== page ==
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Some Common Fixed Point Theorems for Weakly Cf,g-contractive Mappings in Complete Metric Spaces



V. Parvaneh and H. Hosseinzadeh
 
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ABSTRACT

The aim of this paper is to present some common fixed point theorems for Cf,g-contractions in a complete metric space. Finally, some results for contractions of integral type are given.

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  How to cite this article:

V. Parvaneh and H. Hosseinzadeh, 2012. Some Common Fixed Point Theorems for Weakly Cf,g-contractive Mappings in Complete Metric Spaces. Journal of Applied Sciences, 12: 661-667.

DOI: 10.3923/jas.2012.661.667

URL: https://scialert.net/abstract/?doi=jas.2012.661.667
 
Received: March 07, 2012; Accepted: April 07, 2012; Published: June 19, 2012



INTRODUCTION

The concept of C-contraction was defined by Chatterjea (1972) as follows.

Definition 1: A mapping T:X→X where (X, d) is a metric space is said to be a C-contraction if there exists αε(0,1/2) such that for all x, yεX the following inequality holds:

Chatterjea (1972) has proved that, if (X, d) is a complete metric space, then every C-contraction on X has a unique fixed point. Choudhury (2009) introduced a generalization of C-contraction by the following definition.

Definition 2: A mapping T:X→X, where (X, d) is a metric space is said to be a weakly C-contractive mapping if for all x, yεX:

where, φ:[0,∞)2→[0,∞) is a continuous function such that φ(x, y) = 0 if and only if x = y = 0.

Choudhury (2009) has proved that, if (X, d) is a complete metric space, then every weak C-contraction on X has a unique fixed point.

For a survey of fixed point theory and related results we refer to Mujahid and Dragan (2010), Zhang and Song (2009), Moradi et al. (2011), Doric (2009), Nashine and Samet (2011), Mohamadi et al. (2009), Okoroafor and Osu (2006), Olaleru (2006) and Tiwari et al. (2012).

Let us note that the beautiful theory of fixed point is used frequently in other branches of mathematics and engineering sciences (Shakeri et al., 2009).

The purpose of this study is to obtain a common fixed point theorem for four maps satisfying a certain contractive condition. Our result generalized the results of Chatterjea (1972) and Choudhury (2009).

Throughout this paper, let:

Ω = {φ|φ:[0,∞)2→{0,∞) is a continuous function such that φ(x,y) = 0 iff x = y = 0}.

Definition 3: (a) Let (X, d) be a metric space and T,S:X→X. If w = Tx = Sx, for some x∈X, then x is called a coincidence point of T and S and w is called a point of coincidence of T and S, (b) Let T and S be two self-mappings of a metric space (X, d). T and S are said to be weakly compatible if for all x∈X the equality Tx = Sx implies TSx = STx (Beg and Abbas, 2006).

MAIN RESULTS

Definition 1: Two mappings T,S:X→X, where (X,d) is a metric space are called weakly Cf,g-contractive (or weak Cf,g-contraction) if for all x, y∈X,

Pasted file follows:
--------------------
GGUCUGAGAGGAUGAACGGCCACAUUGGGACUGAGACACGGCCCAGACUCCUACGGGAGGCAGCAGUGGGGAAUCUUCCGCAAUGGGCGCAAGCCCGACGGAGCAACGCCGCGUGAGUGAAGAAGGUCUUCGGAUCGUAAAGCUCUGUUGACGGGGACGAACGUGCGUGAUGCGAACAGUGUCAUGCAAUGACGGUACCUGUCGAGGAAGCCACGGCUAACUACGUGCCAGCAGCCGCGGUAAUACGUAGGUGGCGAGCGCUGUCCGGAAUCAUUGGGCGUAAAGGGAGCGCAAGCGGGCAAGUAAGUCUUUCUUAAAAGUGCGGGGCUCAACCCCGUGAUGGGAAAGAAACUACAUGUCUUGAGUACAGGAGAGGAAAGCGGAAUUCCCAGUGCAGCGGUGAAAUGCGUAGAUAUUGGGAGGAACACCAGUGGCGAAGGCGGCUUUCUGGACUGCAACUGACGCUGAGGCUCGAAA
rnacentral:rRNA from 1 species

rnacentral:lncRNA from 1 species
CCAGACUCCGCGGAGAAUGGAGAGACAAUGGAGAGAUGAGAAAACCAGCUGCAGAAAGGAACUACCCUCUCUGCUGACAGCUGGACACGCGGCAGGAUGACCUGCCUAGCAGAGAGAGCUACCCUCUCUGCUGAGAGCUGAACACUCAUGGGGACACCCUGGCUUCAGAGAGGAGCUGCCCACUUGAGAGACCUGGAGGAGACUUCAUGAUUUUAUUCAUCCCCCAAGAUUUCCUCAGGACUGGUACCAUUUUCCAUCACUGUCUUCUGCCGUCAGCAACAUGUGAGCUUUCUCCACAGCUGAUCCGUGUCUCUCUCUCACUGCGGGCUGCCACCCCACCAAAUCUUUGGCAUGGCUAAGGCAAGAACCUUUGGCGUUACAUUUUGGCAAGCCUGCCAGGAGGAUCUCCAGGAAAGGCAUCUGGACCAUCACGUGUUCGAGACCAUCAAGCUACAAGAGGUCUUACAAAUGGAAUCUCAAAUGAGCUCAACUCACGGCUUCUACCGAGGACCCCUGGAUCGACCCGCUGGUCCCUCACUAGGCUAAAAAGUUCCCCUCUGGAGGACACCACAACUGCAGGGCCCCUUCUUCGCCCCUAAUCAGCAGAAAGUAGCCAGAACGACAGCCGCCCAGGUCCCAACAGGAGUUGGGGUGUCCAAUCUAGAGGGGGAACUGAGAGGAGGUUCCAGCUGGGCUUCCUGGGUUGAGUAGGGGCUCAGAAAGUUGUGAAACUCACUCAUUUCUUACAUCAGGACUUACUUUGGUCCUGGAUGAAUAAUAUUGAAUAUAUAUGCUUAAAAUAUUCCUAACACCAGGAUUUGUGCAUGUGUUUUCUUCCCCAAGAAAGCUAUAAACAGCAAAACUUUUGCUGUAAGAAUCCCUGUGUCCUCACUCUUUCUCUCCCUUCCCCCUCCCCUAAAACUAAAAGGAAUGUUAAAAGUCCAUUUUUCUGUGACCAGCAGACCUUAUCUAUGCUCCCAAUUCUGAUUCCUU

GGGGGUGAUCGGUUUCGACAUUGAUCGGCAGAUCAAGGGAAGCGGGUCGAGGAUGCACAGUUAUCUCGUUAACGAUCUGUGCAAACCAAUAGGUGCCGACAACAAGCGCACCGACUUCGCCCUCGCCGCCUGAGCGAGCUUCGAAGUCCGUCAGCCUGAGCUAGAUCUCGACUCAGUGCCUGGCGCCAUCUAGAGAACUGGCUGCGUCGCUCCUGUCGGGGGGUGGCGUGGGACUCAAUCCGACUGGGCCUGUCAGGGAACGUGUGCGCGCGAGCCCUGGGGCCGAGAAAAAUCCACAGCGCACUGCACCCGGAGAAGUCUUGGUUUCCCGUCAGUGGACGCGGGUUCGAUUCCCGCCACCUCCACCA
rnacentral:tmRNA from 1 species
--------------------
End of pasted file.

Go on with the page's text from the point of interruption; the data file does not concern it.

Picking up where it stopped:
(1)

where, φεΩ.

Following is the main result of this study.

Theorem 1: Let (X, d) be a complete metric space and let E be a nonempty closed subset of X. Let T,S:X→X be two weakly Cf,g-contractive mappings (condition 1):

I TE⊆gE and SE⊆fE.
II The pairs (S, f) and (T, g) be weakly compatible.

Assume that f and g also are continuous functions on X. In addition, for all x∈X:

(2)

and for all x, y∈X

(3)

then, T, f, S and g have a unique common fixed point.

Proof: Let x0∈E be arbitrary. Using (I), there exist tow sequences such that y0 = Tx0 = gx1, y1 = Sx1 = fx2, y2 = Tx2 = gx3,..., y2n = Tx2n = gx1n+1, y2n+1 = Sx2n+1 = fx2n+2,….

We complete the proof in two steps:

Step 1: {yn} is Cauchy.

Consider two cases as follows:

If for some n, yn = yn+1, then yn+1 = yn+2. If not, then yn+1≠yn+2. Let n = 2k Therefore, using condition (1), we have:

which is a contradiction. Hence, we must have yn+1 = yn+2, when, n is even. In a same way we can show that this equality holds, when n is odd. Therefore, in any case, if for an n, yn = yn+1, we always obtain yn = yn+2. Repeating the above process inductively, we obtain that yn = yn+k for all k≥1 Therefore, in this case {yn} is a constant sequence and hence is a Cauchy one.

If yn≠yn+1, for every positive integer n, then for n = 2k, using condition (1), we obtain that:

Hence,

If, n = 2k+1, similarly we can prove that:

That is:

Therefor, in general, d(yn+1, yn) is a decreasing sequence of nonnegative real numbers and bounded from below and hence it is convergent.

Assume that:

From the above argument,

and if k→∞, we have:

Therefore:

We have proved that:

Now, if k→∞ and using the continuity of φ we obtain

and consequently, φ(2r, 0) = 0. This gives us that,

(4)

by our assumption about φ.

Now, it is sufficient to show that the subsequence {y2n} is a Cauchy sequence. Suppose opposite, that is {y2n} is not a Cauchy sequence. Then there exists ε >0 for which we can find subsequences y2m(k) and y2n(k) of y2n such that n(k) is smallest index for which n(k)>m(k) and:

(5)

This means that:

(6)

From (5) and triangle inequality:

Letting k→∞ and using Eq. 4 we can conclude that:

(7)

Moreover, we have:

(8)

and

(9)

and

(10)

Using Eq. 6, 7, 8, 9 and 10, we get:

Using Eq. 1 we have:

Making k→∞ in the above inequality and taking into account (10) and by the continuity of φ, we have:

and hence, φ(ε, ε) = 0. By our assumption about φ, we have ε = 0 which is a contradiction.